The Milk Maid

From Life in the London Streets or Struggles for Daily Bread by Richard Rowe (1881)

The following is the story of old Patty Morgan, who used to dispense glassf uls of milk in the Mall, a cheeryfaced old body, muffled in a faded Welsh plaid shawl, think of the historical associations of her place of trade.

“Oh, deary no, I’ve got no cows. It’s my master’s I take to the park, sometimes one and sometimes another, just as may happen. It’s a many years I’ve been in London: yes, indeed, with one master and another. I used to go out with the milk for ever so long, but I’m too old for that now. I’ve borne the yoke in my youth, and now I get a bit of rest in my old age, not but what it’s very cold sometimes sitting in the park; but what’s the good of grumbling? I couldn’t lug about those heavy pails now. When I was younger the saucy monkeys of boys used to make fun of me and say I waddled like a duck; so I’m thankful I’ve got something I can do. When I’m not milking I can knit, and it’s a comfort to an old woman not to be always on her feet, and to have something to lean the back against.

“Our business varies very much. Sometimes we’ll do next to nothing, and then again we’ll sell about as much as the cow can give. It depends so much on the weather, you see. A fine day brings the folks out like butterflies. It’s mostly children we sell to. A father will come with his little ones and treat them to a glassful each, and sometimes a nurse will be sent regular with a child that is ailin’, so that it may drink new milk and smell the cow’s breath. Certainly the milk is better than what’s sold at the doors; yes, indeed.Oh yes, you can get pure milk from the milkmen if you want it for an invalid; they’ll not cheat you, but go out of their way in a case like that, to send you the best they can,—but then, you see, you’ve to pay more for it. Milk was so plenty where I come from that it puzzled me at first, it did, the price they gave for it in London. Sheep’s milk we used most, but we’d cow’s milk as well, and as much as ever we wanted. A child wouldn’t have thought much of a glass of milk there,—it wasn’t any treat: I’d only to run into the dairy and help myself. . . . .

“There’s often a good bit of fun and frolic about the cows, and folly too with the soldiers and the young men out with their sweethearts; but if they and the girls never drank anything worse than milk, there wouldn’t be so much harm come of their courting.
“As I’ve told you I used to go milk-walks before I got hired to milk in the park. It’s a tiring work that, carrying round the pails, and you’re out in all weathers; still I always kept my health pretty well whilst I was at it. I don’t drink gin, as some do, to keep the cold out: coffee in the morning and tea at night, that’s what I take.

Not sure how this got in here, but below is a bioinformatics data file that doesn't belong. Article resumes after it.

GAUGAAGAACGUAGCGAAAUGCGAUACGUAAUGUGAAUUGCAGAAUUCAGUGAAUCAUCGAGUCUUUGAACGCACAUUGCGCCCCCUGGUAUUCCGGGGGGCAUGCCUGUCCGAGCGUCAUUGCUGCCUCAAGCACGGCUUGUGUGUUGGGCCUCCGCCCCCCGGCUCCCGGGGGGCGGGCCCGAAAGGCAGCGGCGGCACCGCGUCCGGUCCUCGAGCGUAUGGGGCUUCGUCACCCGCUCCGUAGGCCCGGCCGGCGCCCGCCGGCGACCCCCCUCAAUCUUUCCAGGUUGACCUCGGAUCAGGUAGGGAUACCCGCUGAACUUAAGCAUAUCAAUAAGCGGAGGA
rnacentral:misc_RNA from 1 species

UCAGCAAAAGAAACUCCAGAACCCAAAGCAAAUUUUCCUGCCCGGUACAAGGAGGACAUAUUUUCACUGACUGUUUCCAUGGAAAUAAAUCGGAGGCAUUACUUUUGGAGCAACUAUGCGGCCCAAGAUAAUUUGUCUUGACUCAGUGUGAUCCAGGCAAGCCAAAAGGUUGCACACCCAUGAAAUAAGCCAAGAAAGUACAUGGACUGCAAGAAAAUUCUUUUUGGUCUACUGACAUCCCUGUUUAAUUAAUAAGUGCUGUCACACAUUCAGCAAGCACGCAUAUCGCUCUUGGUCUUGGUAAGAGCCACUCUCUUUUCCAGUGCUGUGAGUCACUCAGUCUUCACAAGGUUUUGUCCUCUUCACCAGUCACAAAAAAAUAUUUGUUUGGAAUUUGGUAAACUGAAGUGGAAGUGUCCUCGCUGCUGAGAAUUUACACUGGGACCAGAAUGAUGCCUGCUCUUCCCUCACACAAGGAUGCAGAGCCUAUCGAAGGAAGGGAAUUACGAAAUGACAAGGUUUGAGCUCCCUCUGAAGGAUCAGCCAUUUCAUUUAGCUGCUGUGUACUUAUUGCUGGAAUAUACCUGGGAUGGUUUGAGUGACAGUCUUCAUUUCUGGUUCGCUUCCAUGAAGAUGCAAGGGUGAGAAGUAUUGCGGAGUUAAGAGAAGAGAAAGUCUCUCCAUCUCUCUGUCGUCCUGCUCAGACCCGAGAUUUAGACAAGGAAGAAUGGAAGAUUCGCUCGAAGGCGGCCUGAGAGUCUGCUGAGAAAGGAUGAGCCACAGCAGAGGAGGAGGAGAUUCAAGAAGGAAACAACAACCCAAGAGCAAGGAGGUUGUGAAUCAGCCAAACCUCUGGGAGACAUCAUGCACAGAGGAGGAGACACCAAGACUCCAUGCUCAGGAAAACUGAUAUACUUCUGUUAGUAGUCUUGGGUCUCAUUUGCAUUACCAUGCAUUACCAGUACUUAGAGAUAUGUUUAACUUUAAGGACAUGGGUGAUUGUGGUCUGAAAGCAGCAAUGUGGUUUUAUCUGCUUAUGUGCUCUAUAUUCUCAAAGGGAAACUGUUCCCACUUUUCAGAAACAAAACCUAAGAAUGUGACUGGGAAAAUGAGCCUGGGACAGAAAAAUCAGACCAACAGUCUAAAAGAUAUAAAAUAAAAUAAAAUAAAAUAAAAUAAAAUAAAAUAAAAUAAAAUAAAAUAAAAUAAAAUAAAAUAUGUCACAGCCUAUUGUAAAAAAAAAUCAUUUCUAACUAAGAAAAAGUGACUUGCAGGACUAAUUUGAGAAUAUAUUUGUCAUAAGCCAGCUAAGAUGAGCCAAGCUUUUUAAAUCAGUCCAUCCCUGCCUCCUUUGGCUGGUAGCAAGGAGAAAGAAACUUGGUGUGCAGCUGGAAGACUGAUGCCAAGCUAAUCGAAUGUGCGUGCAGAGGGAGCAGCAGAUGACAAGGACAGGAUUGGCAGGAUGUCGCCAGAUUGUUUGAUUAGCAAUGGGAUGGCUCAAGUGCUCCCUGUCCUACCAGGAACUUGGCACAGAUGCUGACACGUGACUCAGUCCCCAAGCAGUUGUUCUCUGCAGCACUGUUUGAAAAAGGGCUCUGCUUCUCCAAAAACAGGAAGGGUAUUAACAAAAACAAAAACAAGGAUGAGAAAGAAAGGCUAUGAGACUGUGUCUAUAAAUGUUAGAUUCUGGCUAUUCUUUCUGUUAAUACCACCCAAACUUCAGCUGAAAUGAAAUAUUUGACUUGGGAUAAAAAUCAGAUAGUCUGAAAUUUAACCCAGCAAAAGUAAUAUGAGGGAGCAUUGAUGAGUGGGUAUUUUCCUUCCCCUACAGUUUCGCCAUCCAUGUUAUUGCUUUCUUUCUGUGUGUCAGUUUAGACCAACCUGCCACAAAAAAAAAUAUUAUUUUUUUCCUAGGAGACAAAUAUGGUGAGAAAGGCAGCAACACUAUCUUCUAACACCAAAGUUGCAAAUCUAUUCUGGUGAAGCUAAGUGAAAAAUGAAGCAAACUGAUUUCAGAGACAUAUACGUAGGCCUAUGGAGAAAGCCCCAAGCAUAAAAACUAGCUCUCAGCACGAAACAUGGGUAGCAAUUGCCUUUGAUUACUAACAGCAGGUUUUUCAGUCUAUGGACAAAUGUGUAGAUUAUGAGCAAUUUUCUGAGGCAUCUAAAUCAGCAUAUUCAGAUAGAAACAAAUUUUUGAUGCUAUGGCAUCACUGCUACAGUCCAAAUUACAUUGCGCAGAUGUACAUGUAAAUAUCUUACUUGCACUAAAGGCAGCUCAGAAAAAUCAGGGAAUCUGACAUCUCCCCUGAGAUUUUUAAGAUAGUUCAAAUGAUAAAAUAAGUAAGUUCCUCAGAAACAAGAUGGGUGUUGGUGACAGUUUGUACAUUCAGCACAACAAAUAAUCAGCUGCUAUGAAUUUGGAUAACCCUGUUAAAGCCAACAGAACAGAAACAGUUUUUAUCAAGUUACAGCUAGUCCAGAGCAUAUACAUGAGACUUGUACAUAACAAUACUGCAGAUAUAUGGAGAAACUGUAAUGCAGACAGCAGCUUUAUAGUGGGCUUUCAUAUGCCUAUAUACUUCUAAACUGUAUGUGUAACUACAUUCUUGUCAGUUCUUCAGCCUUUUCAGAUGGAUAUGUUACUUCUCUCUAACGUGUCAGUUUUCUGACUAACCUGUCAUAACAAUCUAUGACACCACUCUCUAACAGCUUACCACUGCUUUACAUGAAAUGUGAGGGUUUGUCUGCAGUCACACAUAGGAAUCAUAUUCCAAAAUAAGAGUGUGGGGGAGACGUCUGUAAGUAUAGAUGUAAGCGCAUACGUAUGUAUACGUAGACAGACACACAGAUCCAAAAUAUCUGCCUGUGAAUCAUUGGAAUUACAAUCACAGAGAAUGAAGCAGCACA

“You hear a good deal of news on a milkwalk: well, yes, no doubt a good deal of it is lies. Either the mistresses or the maids are ready enough to gossip with you. Give and take, that’s their motto: hear what you’ve got to say, and tell you what you don’t know about the neighbourhood. If some of the masters and mistresses that think everybody thinks them the respectablest of the respectable could hear what their own servants say about them, they would be rather astonished; and they wouldn’t be best pleased either if they knew how these stories get about from house to house,—about the quarrels, and the lots of spirits that’s drunk on the sly, and the gentleman that master doesn’t like calling so often, when he’s out, on missis, and all that kind of talk. No doubt a good half or more of it is made up. Folks that are so fond of talking, as most servant girls are, must tell lies pretty often, or they couldn’t keep their tongues wagging as they do.
“And then it’s queer the different things that are happening at the different houses you call at. At one, mayhap a new baby has just come, and the bailiffs at another; there’s a wedding at No. 3, and somebody dying next door, and a hearse and mourning coaches going away from No. 7.
“Houses, too, that are pretty near as like as peas outside are so different when the door’s opened, in masters, and mistresses, and servants, and children, and furniture, and cleanliness, and everything. One may be as neat as a new pin with nobody but nice people in it, and the next all muddle and muck and wrangling.

“It was my father’s misfortunes sent me up to London. He had a farm out by Pont-y-pridd, and he was forced to leave it, and it broke his heart, poor old man: he died just in time to save him from the workhouse. I’d been promised to a young man who had a good place at Merthyr,—not one of the common workers, but a kind of over-looker. He wasn’t true: he broke with me when our troubles came, and married my own cousin. I couldn’t stand that, —to see them coming backwards and forwards to uncle’s,—so I came up to London; and here I’ve been ever since, this many a year.
“After a bit I married a man who worked for one of my masters. He made me a fairish husband, poor man, though he never made much pretence of loving of me, and he was rather too fond of liquor. We’d a large family, and I’d to work for them; but, thank God, they were all dear, good children. None of them lived to be married, except the youngest; and now she’s gone, and her little one: so I should be all alone if I couldn’t say, praise God, ‘Though I walk through the valley of the shadow of death, I will fear no evil; for Thou art with me; Thy rod and Thy staff they comfort me.'”

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